FORT MYERS, Fla. -- "Bless you," Johnny Damon said yesterday as he entered the Red Sox clubhouse. "Bless you all."
Heads turned as Damon, fully bearded, with his brown hair flowing to his shoulders, submitted one of the best impersonations of Jesus of Nazareth this side of "The Passion of the Christ." But no one knelt before him.
This was just Damon after all, as colorful and unconventional as ever. Good thing he doesn't work for George Steinbrenner, who would promptly dispatch him to the barber.
"[General manager] Theo [Epstein] told me I can keep it," Damon said of his look, one of the wildest in the game. "I don't think we want to compare ourselves to the Yankees. We'll do everything the opposite of what they do."
Damon's zany look may seem as if he never recovered from the serious concussion he suffered in Game 5 of the American League Division Series in Oakland. But the fact is, the aftereffects of his collision with Damian Jackson dogged him for weeks. He said he experienced daily migraine headaches until early December. In addition, he said, his left arm was "torn up" by an intravenous line a paramedic inserted before he reached the hospital in Oakland.
"It was pretty devastating," said Damon, who played five games in the AL Championship Series against the Yankees despite the injury, batting .200 (4 for 20), knocking in one run, and scoring only one. "I don't know how I put on a uniform. The migraines were awful. My arm was in such bad shape from the IV that I couldn't swing a bat."
Damon said he rested much of the winter and gained 15 pounds, going from 205 to 220. But he expressed no concern about the extra weight affecting his foot speed. Indeed, he claimed he tested himself against cars late at night down his street in Orlando, where the speed limit is 25 miles per hour.
"I'll wait on the side of the street and when a car starts coming, I'll race it to my house," he said. "So I know I can go at least 25 [m.p.h.]. Sometimes I scare them because they see this caveman running along."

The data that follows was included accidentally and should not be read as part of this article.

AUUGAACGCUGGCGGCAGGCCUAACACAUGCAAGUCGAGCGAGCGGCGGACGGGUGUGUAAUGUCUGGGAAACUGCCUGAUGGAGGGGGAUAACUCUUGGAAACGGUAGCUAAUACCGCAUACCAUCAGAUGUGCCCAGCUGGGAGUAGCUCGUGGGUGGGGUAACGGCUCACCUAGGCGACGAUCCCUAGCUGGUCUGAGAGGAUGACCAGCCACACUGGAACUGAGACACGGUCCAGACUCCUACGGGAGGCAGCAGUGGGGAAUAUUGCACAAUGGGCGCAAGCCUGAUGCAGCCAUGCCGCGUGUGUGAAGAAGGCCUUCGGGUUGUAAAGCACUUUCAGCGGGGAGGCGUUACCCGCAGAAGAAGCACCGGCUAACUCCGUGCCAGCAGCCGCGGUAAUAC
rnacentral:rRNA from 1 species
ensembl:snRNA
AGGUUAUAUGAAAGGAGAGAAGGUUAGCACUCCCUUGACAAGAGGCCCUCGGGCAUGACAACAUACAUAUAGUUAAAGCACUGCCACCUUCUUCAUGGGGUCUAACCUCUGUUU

The Sox would like to see Damon run around the bases even more than last year, when he hit .273, stole 30 bases, and scored 103 runs. He acknowledged the team is considering moving him out of the leadoff spot, with Pokey Reese one of the candidates to replace him. He suggested he could find himself batting second, a move he does not fully endorse.
"I feel like I'm the leadoff hitter this team needs," he said, "but if I have to move, so be it."
Even though Damon logged one of the lowest on-base percentages among Sox regulars last year (.345), he said he contributes by seeing so many pitches that he helps wear down opposing starters. He saw 2,850 pitches last year, second in the league to Jason Giambi (2,916).
"We beat up on pitchers, and that's my job in the leadoff spot," he said. "I know I could hit for a higher average, but how the rest of the team would adjust, I don't know."
The Sox, meanwhile, are adjusting to his new look. Manager Terry Francona said: "It looks like he's starring in that movie, but I don't care what he looks like as long as he gets on base."
Not a total wash
Unrelenting rain washed out the first full-squad workout, forcing all 51 players to hit and throw in the indoor cages or focus on their conditioning in the exercise room. "Whatever Mother Nature gave us, we took," Francona said, calling the lost time on the field "no big deal."
The new manager addressed the team for the first time in a closed-door session before the revised workout, setting some preliminary rules and expectations. "It wasn't a Knute Rockne, let's run through the wall [speech]," he said.
Team president Larry Lucchino and Epstein also made introductory comments during the session, in which Kevin Millar lightened things up by sneaking up on Nomar Garciaparra and throwing his arm around the shortstop, drawing a laugh from Garciaparra. The gesture provided further evidence that the two have patched things up since Millar's comments on ESPN about the possible trade for Alex Rodriguez.
The Sox invested $10 million over the next two years in Byung Hyun Kim because they expect him to serve as a consistent starter, pitching 200 innings or more. That could be a challenge for Kim, who last year pitched a career-high 140 innings, in stints with the Diamondbacks (43 innings), their Triple A affiliate in Tucson (17 2/3 innings), and the Sox (79 1/3 innings) before he shut down with shoulder woes in late September.
Can he do it? "I can't guarantee anything, but I'll pitch as much as I can," Kim told reporters through assistant trainer and translator Chang Lee.
The two worked out at Boston College for two weeks before spring training, though Kim said he did not alter his offseason regimen to prepare for the increased workload. He also stressed that he is not setting his expectations unusually high. Told that Curt Schilling said he was capable of winning 20 games, Kim said, "If I can win 20 wins, Schilling could probably win 30."
Kim also explained an incident over the winter in his native South Korea in which he was charged with assaulting a news photographer. He said a number of photographers refused to heed his request to not photograph him.
"They kept doing what I asked not to do," he said, "so I just exploded."
He settled the incident out of court for about $1,500, covering the cost of the camera he damaged.